Let's get to the playoffs.
Let's review last year. In last year's playoffs, Donovan Mitchell started hot, getting a debut double-double like Derrick Rose and Tim Duncan. But in the end, he had a horrible playoffs. He was downright dreadful against the Rockets, a theme we'll see.
|Date||Opponent||Record||Points over Par|
|4/15/2018||Oklahoma City Thunder||0-1||5.7|
|4/18/2018||Oklahoma City Thunder||1-1||-6.6|
|4/21/2018||Oklahoma City Thunder||2-1||-0.8|
|4/23/2018||Oklahoma City Thunder||3-1||3.4|
|4/25/2018||Oklahoma City Thunder||3-2||-0.3|
|4/27/2018||Oklahoma City Thunder||4-2||3.1|
That brings us to this year. So far, Donovan Mitchell has yet to have a good game in the playoffs. He has the distinction of having the worst playoff performance so far.
|Date||Opponent||Record||Points over Par|
And here's where we get to two fun comparisons. When Donovan Mitchell was scoring high points per game as a rookie, many compared him to Michael Jordan. If you just left that pesky shooting efficiency out of the equation (and the rest of the box score), they were almost the same player. But let's get back to MJ. As I noted on Twitter:
At 22 in his 2nd #NBAPlayoffs, Michael Jordan put up 63 points against the #1 D 86 Champion Celtics causing Bird to call MJ God in disguise.— Andrés Alvarez (@NerdNumbers) April 19, 2019
At age 22 in his 2nd playoffs, Donovan Mitchell went 7-18 and 5-19 against the 17th ranked D.
We're done with the comparisons ya?
Admittedly Michael Jordan was about seven months older in his sophomore season than Donovan Mitchell. Regardless, he played amazingly well against the best defense in the NBA. Donovan Mitchell has played less than stellar against a mediocre defense. I think we can leave the "next MJ" comparisons off the table for a while. Another weird comparison came up. After a horrible showing, Kyle Korver went out of his way to defend Donovan Mitchell missing a game-tying three as well as supporting his play - via SLC Dunk. And to be fair to Kyle Korver, I understand the politics of standing up for your teammates. Kyle Korver's fantastic piece on Thabo Sefolosha in the Players' Tribune is a must read btw. What confused me was Kyle Korver was on the 2010-2011 Chicago Bulls with Derrick Rose. And in 2011 at age 22, Derrick Rose won the MVP while also shooting a lot of shots. A funny note, Derrick Rose's playoff run ended that year with him shooting atrociously against the Miami Heat.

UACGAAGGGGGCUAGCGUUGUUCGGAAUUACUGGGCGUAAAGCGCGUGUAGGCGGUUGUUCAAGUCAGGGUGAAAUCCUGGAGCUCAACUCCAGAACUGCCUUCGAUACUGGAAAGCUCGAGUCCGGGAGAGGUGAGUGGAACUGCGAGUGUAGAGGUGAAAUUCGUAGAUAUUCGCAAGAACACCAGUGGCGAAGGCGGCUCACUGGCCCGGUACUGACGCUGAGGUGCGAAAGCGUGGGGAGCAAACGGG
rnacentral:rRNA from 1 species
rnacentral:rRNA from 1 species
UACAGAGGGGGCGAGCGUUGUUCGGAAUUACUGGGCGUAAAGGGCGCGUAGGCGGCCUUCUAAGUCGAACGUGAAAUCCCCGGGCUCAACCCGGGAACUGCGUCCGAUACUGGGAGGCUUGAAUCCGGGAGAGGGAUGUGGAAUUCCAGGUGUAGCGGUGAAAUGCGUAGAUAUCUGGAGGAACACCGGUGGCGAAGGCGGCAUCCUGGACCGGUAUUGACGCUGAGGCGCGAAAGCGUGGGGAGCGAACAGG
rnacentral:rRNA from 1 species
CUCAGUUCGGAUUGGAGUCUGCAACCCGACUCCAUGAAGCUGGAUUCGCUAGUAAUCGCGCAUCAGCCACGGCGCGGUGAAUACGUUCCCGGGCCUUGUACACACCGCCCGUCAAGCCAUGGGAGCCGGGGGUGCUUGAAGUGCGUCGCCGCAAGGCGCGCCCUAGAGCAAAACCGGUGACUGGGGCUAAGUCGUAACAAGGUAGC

What remains confusing about Donovan Mitchell to me (let's return to poking the hornet's nest) is that he has yet to be an above average NBA player. And he is compared to other players that were above average at the same age. And we keep hearing - "Just you wait, he'll get better." Admittedly, his play got worse in his sophomore season.
Let me finish with my primary point. I don't have a problem with Donovan Mitchell. I understand his motivations, and they are spot on. In three years he'll have a max contract, be on All-Star teams, and hell, possibly be an above average NBA player by our numbers. And he should aim for all of those things, with efficiency being a distant third to the first two. My problem is that Donovan Mitchell's defenders show that an old way of thinking is still around in the NBA. It shows that if you score enough points, any gap in your play will be defended. And, on the one hand, it's fun to watch Donovan Mitchell play poorly in the playoffs and hear crickets from many that were quick to say I was ruining basketball last season. On the other, it's more frustrating that until NBA thinking changes, we can guarantee we'll see a repeat of this story.